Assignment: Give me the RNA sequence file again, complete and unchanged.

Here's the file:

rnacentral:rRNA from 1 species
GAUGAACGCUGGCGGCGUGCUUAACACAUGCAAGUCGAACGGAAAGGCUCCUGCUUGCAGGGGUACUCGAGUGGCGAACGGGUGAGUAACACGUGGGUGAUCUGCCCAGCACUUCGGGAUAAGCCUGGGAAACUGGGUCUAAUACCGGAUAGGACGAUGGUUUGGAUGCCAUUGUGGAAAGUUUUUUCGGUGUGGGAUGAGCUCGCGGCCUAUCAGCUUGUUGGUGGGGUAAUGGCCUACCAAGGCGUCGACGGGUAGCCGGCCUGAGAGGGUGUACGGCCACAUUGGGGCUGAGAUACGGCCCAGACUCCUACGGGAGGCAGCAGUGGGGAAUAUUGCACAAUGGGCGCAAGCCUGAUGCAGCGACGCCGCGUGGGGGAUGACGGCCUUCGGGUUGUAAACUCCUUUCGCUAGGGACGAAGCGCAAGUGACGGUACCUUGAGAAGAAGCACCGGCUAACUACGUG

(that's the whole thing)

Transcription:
rnacentral:rRNA from 1 species
GAUGAACGCUGGCGGCGUGCUUAACACAUGCAAGUCGAACGGAAAGGCUCCUGCUUGCAGGGGUACUCGAGUGGCGAACGGGUGAGUAACACGUGGGUGAUCUGCCCAGCACUUCGGGAUAAGCCUGGGAAACUGGGUCUAAUACCGGAUAGGACGAUGGUUUGGAUGCCAUUGUGGAAAGUUUUUUCGGUGUGGGAUGAGCUCGCGGCCUAUCAGCUUGUUGGUGGGGUAAUGGCCUACCAAGGCGUCGACGGGUAGCCGGCCUGAGAGGGUGUACGGCCACAUUGGGGCUGAGAUACGGCCCAGACUCCUACGGGAGGCAGCAGUGGGGAAUAUUGCACAAUGGGCGCAAGCCUGAUGCAGCGACGCCGCGUGGGGGAUGACGGCCUUCGGGUUGUAAACUCCUUUCGCUAGGGACGAAGCGCAAGUGACGGUACCUUGAGAAGAAGCACCGGCUAACUACGUG